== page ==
DO CORPORATE SOCIAL RESPONSIBILITY PRACTICES MAKE A DIFFERENCE IN EASTERN AND WESTERN CONTEXTS?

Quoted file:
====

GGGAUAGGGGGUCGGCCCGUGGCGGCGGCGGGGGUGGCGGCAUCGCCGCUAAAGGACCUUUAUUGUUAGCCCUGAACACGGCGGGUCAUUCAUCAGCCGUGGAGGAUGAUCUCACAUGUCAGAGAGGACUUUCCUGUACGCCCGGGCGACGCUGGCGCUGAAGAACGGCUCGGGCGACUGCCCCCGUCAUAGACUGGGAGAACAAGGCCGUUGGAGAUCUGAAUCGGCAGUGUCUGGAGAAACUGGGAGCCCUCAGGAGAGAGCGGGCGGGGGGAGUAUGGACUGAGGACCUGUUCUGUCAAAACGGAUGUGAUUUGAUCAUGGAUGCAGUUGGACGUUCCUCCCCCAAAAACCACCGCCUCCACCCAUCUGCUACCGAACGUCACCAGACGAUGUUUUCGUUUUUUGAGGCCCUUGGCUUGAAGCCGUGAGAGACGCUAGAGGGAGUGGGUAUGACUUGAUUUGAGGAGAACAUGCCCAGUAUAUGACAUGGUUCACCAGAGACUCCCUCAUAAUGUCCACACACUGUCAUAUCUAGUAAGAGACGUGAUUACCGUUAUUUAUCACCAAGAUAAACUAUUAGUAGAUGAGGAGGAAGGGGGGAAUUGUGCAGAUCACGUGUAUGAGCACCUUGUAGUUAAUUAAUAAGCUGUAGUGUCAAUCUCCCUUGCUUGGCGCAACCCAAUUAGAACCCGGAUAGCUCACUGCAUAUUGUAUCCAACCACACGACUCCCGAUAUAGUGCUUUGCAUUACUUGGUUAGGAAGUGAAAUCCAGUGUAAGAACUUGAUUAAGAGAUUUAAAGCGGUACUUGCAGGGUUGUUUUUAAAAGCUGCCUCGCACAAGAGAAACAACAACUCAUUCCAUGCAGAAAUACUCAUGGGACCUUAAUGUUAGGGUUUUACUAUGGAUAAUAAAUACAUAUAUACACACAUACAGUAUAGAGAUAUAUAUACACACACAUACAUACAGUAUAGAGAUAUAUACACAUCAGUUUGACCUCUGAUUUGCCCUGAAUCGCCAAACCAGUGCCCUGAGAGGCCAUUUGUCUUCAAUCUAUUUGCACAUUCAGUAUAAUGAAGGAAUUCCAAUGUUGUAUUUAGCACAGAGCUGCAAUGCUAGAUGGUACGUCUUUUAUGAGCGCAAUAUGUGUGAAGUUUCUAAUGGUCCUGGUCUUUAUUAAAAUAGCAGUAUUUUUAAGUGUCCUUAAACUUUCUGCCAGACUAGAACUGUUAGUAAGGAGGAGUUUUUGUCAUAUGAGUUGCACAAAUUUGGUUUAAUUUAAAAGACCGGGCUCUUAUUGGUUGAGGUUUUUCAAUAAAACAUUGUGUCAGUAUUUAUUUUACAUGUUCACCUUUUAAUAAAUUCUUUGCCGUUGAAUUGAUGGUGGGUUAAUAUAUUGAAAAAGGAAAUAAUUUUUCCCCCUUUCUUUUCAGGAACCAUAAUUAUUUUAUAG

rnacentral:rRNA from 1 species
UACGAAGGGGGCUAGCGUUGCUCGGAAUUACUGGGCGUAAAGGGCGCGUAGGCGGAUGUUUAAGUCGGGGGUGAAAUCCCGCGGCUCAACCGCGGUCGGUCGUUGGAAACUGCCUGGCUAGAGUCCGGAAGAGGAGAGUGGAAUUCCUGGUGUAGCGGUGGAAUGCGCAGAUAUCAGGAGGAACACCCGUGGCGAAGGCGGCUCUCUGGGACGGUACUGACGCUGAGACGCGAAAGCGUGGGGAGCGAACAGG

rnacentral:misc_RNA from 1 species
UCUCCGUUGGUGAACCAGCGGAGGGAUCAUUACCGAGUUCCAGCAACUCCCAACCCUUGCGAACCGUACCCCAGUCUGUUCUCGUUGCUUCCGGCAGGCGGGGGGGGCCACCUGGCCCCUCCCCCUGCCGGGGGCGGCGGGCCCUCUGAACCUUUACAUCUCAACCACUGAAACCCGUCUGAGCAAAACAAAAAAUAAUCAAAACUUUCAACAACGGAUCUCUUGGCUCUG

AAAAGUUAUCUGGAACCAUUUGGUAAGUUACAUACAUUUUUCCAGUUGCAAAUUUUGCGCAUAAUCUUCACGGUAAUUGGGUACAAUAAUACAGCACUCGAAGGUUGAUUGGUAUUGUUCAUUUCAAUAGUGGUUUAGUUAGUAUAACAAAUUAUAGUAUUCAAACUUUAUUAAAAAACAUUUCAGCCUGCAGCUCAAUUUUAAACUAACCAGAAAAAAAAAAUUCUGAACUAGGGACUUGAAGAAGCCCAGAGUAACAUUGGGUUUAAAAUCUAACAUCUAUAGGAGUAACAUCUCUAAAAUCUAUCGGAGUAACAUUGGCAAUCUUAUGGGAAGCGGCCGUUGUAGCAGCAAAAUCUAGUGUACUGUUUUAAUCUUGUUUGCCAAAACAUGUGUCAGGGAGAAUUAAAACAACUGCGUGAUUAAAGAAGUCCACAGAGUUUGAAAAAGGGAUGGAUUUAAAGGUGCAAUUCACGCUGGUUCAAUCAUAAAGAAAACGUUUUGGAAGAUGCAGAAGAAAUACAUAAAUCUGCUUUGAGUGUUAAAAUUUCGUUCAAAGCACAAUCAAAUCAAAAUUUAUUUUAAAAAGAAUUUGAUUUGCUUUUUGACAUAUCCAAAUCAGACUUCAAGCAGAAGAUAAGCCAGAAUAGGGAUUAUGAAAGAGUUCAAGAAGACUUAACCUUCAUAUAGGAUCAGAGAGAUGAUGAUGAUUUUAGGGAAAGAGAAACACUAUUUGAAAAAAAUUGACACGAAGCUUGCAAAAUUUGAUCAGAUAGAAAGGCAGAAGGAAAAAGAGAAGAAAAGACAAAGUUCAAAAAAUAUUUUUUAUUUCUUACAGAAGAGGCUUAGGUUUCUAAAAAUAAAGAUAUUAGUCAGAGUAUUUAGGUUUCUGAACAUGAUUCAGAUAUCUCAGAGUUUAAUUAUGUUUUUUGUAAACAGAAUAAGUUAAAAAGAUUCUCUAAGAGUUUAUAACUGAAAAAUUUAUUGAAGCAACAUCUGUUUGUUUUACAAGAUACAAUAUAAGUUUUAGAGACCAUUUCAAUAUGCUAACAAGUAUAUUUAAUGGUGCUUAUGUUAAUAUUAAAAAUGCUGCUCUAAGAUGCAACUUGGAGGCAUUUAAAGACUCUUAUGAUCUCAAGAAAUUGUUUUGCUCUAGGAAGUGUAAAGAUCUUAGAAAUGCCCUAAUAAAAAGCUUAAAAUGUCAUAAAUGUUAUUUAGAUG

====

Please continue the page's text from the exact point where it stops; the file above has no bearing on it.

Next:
The article focuses on the influence and prevalence of corporate social responsibility (CSR) in a Confucian culture and an individualistic culture. It states that CSR is considered a norm for businesses in Western societies, while Confucian societies have lower societal and normative expectations of businesses. It comments on the role of social identity theory in the categorization, identification, and comparison of self-image by individuals. It talks about how the influence of employee-oriented CSR on employee commitment is affected by societal differences in Confucian and individualistic cultures. It examines a cross-cultural study of companies in Taiwan and Canada to determine the moderating effect of society on the relationships between CSR and employee commitment and corporate image.